This is the question that paralyzes me most when facing the death of someone I know and love. As I start to consider possible answers, my mind and my heart talk over each other with a swirl of suggestions that avoids consensus. I get stuck between a desire to connect with others and the guilt over not doing enough while my friend was alive, between fixing the unfixable and making a bedsheet fort where I will live the rest of my days. I want to do everything and absolutely nothing. How do I begin?

Just Bad for You is an archive of my friend Jeff Poehlmann’s experience living through a serious health challenge that ultimately cost him his life and us his voice. It is a space he made to help himself and others understand the particulars of lung cancer and how to live beyond the prognosis. From the testimonials on Facebook and LungCancer.net, where he spent the past year as a contributing writer, Jeff’s reach proved considerable. While he may not be here to continue publishing, Jeff did leave works-in-progress and a community of friends who can curate and contribute to the continuing story of what makes life meaningful.

In the wake of his death, I find it both comforting and intimidating to read and hear his words. Through his podcast, Jeff accompanies me on walking commutes to work, though usually only at the end of the day for fear I may be rendered useless. I see a dozen or so drafts in his queue, each started at different stages of his health journey, but I cannot yet bring myself to touch them.

With a brain and heart muddled in grief, I don’t have a clear idea how this blog will evolve. Perhaps it will be a place to process his life and our loss, or expand as a resource for the state of care for this and other diseases. Regardless, I do know that I want it to continue.

For four years, Jeff wrote about what he knew, what he learned, and most poignantly what he was experiencing. I do not have lung cancer. What I am experiencing now is loss and the challenge of regaining forward momentum in a world without Jeff. For a little while at least, that’s what this blog may focus on. We’ll draw from the strength he showed, even when not physically at his best, and the time he made to love the world.

I do not expect to be alone in this. Others who knew him or were impacted by his story may contribute as well, by sharing memories of Jeff that continue to resonate in his absence or by making meaning from the struggles they endure. For the moment, this space is for us.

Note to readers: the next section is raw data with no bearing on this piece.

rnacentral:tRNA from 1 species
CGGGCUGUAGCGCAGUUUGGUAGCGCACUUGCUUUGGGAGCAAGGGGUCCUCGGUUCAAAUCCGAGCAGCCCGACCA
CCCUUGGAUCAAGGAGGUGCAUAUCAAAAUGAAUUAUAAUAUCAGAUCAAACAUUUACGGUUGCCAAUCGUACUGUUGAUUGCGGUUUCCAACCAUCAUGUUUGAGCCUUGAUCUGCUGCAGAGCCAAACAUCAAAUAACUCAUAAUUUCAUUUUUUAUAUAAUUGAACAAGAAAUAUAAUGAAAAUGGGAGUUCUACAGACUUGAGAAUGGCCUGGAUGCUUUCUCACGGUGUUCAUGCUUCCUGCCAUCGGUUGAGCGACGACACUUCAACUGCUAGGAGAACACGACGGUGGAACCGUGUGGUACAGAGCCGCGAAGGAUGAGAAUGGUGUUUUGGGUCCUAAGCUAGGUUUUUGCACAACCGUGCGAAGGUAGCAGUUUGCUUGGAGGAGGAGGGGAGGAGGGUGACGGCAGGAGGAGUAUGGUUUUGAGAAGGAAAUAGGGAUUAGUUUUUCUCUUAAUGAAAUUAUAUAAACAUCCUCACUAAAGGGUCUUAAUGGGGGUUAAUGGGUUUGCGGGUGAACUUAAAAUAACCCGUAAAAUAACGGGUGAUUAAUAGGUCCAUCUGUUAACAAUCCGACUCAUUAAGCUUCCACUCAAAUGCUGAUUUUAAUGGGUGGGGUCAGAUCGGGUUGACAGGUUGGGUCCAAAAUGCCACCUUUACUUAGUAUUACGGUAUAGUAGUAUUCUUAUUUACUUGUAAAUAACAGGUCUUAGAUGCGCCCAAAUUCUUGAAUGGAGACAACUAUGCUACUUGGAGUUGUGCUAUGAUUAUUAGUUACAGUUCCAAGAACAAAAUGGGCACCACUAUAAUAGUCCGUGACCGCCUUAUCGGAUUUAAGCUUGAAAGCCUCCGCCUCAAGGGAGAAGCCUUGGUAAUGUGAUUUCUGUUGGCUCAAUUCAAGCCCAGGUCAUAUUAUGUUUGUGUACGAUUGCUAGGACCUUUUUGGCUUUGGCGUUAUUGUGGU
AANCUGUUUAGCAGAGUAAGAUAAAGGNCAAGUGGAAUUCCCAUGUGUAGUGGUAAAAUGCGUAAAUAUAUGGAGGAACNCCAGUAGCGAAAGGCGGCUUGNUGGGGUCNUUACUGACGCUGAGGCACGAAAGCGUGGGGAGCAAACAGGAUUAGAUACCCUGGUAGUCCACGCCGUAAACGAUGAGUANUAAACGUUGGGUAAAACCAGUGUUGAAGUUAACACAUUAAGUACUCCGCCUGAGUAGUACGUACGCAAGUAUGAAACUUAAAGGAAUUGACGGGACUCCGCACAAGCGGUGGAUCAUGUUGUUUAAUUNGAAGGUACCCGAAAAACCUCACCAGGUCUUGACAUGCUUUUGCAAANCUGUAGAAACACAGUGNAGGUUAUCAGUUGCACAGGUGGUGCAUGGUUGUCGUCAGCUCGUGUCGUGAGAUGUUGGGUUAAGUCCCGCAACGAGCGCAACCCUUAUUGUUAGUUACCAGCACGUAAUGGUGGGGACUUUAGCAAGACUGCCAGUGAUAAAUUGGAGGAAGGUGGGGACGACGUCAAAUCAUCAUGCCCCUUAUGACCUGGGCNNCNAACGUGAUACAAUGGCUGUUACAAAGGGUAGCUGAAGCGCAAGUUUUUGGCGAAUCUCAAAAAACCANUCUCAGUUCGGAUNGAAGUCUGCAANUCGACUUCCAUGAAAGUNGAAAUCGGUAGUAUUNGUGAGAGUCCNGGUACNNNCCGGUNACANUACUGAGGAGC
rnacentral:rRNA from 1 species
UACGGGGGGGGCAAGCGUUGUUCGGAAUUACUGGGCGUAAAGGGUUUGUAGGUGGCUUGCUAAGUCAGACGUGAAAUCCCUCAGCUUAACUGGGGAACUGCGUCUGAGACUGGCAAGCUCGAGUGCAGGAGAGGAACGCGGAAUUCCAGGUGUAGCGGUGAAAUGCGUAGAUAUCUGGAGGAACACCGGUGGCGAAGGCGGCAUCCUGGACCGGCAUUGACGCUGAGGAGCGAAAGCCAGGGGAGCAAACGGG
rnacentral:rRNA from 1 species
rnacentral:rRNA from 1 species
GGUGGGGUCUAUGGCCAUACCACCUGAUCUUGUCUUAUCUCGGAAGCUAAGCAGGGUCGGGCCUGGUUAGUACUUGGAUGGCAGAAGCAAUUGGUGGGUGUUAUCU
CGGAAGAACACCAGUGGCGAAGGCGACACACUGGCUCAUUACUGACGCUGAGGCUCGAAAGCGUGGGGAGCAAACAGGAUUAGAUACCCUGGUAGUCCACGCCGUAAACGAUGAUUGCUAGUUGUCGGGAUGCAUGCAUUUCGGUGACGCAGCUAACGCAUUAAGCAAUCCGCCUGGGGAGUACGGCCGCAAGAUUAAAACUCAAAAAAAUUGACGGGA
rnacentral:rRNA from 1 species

Caring for Jeff’s community, however, requires starting with something. Right now, this is where I am and what I can do. Tomorrow, I will know I have already begun.

 

Living Well / Ending Well

Dear Readers

It’s with a heavy heart that I write this message.  My younger brother Jeffrey Poehlmann passed away from complications due to a sudden and fierce reoccurrence of his lung cancer in his “good” lung.  Jeff, as you all know from reading this blog, spent the last four years of his life with the knowledge that he had an unwelcome and invasive guest in his body and forged ahead every day looking to the future and taking as much positive living in the moments as he could.  He knew he was working on borrowed time and wanted to do as much good as he could for the advancement of lung cancer awareness through this blog, his writing for www.lungcancer.net, and his Patreon site.  Hopefully, we will be able to round up all this writing in book form at some point,  one of the goals he had in mind from the start.

 

Jeffrey’s last treatment, which you read about, was taking its toll.  The Poziotiniv  chemo treatment began May 23rd. This targeted therapy was appearing to work incredibly well at reducing the main tumor marker and other metastases, while at the same time providing a litany of other symptoms including a full body rash that all his remaining energies went to battling.  Since the 26th of  September,  Jeffrey’s doctors took him off these meds to give his body a chance to recover.